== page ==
Planning a pregnancy with a mental health condition

Pregnancy and having a baby can be an exciting and demanding time for women. If you have an existing or past mental health condition it brings extra challenges and you are at higher risk of relapse during this time than at others.

However, the good news is that with support and treatment you are likely to have a healthy pregnancy and baby.

The support you need while you’re pregnant depends on the type of illness you have (or have had in the past).

Planning a pregnancy

If you have or had a mental health problem in the past and you’re planning to have a baby, you should talk to your doctor before you become pregnant.

The doctor will discuss how pregnancy and birth might affect your mental health problem, and how any medication you might be taking could affect the baby. The doctor might refer you to a specialist service if you are on medication. They will advise you which medication needs to be avoided and what kind of safer treatments are available for your condition.

Pregnant already with a mental health condition

If you are pregnant already, and have had a mental health problem in the past, it’s very important to talk to your healthcare providers as soon as you realise you’re pregnant. They will discuss:

  • How pregnancy and birth might affect your condition
  • How your treatment can be made as safe as possible during pregnancy.

You should tell the team who look after your mental health that you’re pregnant, and also tell the midwife or doctor looking after your pregnancy that you have a mental health condition.

If you have or had a psychotic disorder (such as bipolar disorder or schizophrenia), the health professionals will work together to make a plan for your care during pregnancy, birth and afterwards.

If you’re already under the care of a community mental health team (CMHT), you should tell your care co-ordinator that you’re pregnant. They will be able to tell you about the treatment and support that are available for pregnant women and new mums in your area. If you are not under the care of a CMHT, but have been in the past, you should talk to your GP. You may need the support of the CMHT during pregnancy and for a few months after your baby is born.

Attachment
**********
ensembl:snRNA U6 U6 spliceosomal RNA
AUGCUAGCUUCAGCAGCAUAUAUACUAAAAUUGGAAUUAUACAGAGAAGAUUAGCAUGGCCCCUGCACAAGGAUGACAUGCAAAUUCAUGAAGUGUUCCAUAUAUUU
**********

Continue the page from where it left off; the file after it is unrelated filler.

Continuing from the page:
What about medication when I’m pregnant?

Some types of medication for mental health problems have risks for your baby if you take them when you are pregnant or when you are breastfeeding. It is important to tell your doctor as soon as possible that you are pregnant so that your treatment can be discussed and considered with you.

Although some medication may have risks for your baby, if you stop medication suddenly you may become unwell very quickly so it is important to talk to your healthcare team first.

Your doctor should talk to you about:

  • any risks the medication may pose to your baby
  • the benefits and risks of switching to another medication that’s safer for pregnancy
  • the benefits and risks of switching to a ‘talking treatment’ (psychological therapy)
  • the possible effects of stopping or switching  your medication suddenly.

The type of mental health condition and severity will be a factor in these decisions. 

If you decide to take medication when you are pregnant or when you are breastfeeding, you should be offered the type with the least risk for you and your baby. You should be offered the lowest amount that will still work and should usually not take more than one type.

If you would like to stop medication when you are pregnant, but medication is the best treatment for your mental health problem, your doctor should talk to you about your reasons for wanting to stop medication and about the risks, if any, to you and your baby.

What about medication when I’m breastfeeding ?

Breastfeeding has benefits for your baby, and health professionals will encourage you to do it if you can. They should talk to you about treatments that you could take if you decide to breastfeed. Many types of medication for mental health problems can pass through your breastmilk but in most cases it is in extremely small amounts, considerably less than the amount that passes through in pregnancy. A few medications may affect your baby so health professionals will discuss the risks of starting, stopping, continuing or changing medication with you.

If you need medication that means breastfeeding isn’t safe for your baby, or there are other reasons that breastfeeding is not for you (such as the impact of sleep deprivation on your mental health, you should be supported and not made to feel guilty about this. It is important to your baby that you are not unwell.

If you are breastfeeding and are taking medication for a mental health problem, your baby should be checked for any side effects.

Find out more about antidepressant medications and their side effects (NICE guidance)

Find out more about antipsychotic medications and their side effects (NICE guidance)

What can I do to help myself?

Other resources

Sources

  1. NICE (2014) Information for the public: Mental health in pregnancy and the year after giving birth.http://www.nice.org.uk/guidance/cg192/resources/information-for-the-public-mental-health-in-pregnancy-and-the-year-after-giving-birth-pdf
  2.  ibid 
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Last reviewed on February 1st, 2015. Next review date February 1st, 2018.

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